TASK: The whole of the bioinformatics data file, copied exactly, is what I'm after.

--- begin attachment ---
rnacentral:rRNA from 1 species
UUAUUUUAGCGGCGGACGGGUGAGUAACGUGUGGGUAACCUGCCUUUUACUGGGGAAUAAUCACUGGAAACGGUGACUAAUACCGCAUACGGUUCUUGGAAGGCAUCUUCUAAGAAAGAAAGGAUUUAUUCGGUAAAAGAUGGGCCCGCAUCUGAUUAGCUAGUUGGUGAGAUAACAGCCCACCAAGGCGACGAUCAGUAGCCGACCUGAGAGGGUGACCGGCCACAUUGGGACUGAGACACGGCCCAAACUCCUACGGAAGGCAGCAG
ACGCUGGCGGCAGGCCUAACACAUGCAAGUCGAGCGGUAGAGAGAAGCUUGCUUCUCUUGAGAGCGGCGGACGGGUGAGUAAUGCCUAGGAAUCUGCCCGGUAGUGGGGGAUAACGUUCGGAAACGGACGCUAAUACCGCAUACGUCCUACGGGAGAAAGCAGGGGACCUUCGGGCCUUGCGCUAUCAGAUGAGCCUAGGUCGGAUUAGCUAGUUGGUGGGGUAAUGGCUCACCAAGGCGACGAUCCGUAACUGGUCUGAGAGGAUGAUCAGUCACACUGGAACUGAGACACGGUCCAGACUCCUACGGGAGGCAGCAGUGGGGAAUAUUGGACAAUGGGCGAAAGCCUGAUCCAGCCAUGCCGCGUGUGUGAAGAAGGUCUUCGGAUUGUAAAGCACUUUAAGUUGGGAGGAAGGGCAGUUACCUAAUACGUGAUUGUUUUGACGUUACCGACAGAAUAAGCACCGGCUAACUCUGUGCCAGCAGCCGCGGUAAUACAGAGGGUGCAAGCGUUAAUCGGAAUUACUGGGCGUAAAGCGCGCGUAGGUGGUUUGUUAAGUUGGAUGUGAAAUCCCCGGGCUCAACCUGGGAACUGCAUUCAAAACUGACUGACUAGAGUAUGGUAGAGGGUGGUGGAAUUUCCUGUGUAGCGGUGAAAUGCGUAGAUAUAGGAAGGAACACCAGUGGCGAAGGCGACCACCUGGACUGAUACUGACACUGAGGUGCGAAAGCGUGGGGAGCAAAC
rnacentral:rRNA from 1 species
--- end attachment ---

rnacentral:rRNA from 1 species
UUAUUUUAGCGGCGGACGGGUGAGUAACGUGUGGGUAACCUGCCUUUUACUGGGGAAUAAUCACUGGAAACGGUGACUAAUACCGCAUACGGUUCUUGGAAGGCAUCUUCUAAGAAAGAAAGGAUUUAUUCGGUAAAAGAUGGGCCCGCAUCUGAUUAGCUAGUUGGUGAGAUAACAGCCCACCAAGGCGACGAUCAGUAGCCGACCUGAGAGGGUGACCGGCCACAUUGGGACUGAGACACGGCCCAAACUCCUACGGAAGGCAGCAG
ACGCUGGCGGCAGGCCUAACACAUGCAAGUCGAGCGGUAGAGAGAAGCUUGCUUCUCUUGAGAGCGGCGGACGGGUGAGUAAUGCCUAGGAAUCUGCCCGGUAGUGGGGGAUAACGUUCGGAAACGGACGCUAAUACCGCAUACGUCCUACGGGAGAAAGCAGGGGACCUUCGGGCCUUGCGCUAUCAGAUGAGCCUAGGUCGGAUUAGCUAGUUGGUGGGGUAAUGGCUCACCAAGGCGACGAUCCGUAACUGGUCUGAGAGGAUGAUCAGUCACACUGGAACUGAGACACGGUCCAGACUCCUACGGGAGGCAGCAGUGGGGAAUAUUGGACAAUGGGCGAAAGCCUGAUCCAGCCAUGCCGCGUGUGUGAAGAAGGUCUUCGGAUUGUAAAGCACUUUAAGUUGGGAGGAAGGGCAGUUACCUAAUACGUGAUUGUUUUGACGUUACCGACAGAAUAAGCACCGGCUAACUCUGUGCCAGCAGCCGCGGUAAUACAGAGGGUGCAAGCGUUAAUCGGAAUUACUGGGCGUAAAGCGCGCGUAGGUGGUUUGUUAAGUUGGAUGUGAAAUCCCCGGGCUCAACCUGGGAACUGCAUUCAAAACUGACUGACUAGAGUAUGGUAGAGGGUGGUGGAAUUUCCUGUGUAGCGGUGAAAUGCGUAGAUAUAGGAAGGAACACCAGUGGCGAAGGCGACCACCUGGACUGAUACUGACACUGAGGUGCGAAAGCGUGGGGAGCAAAC
rnacentral:rRNA from 1 species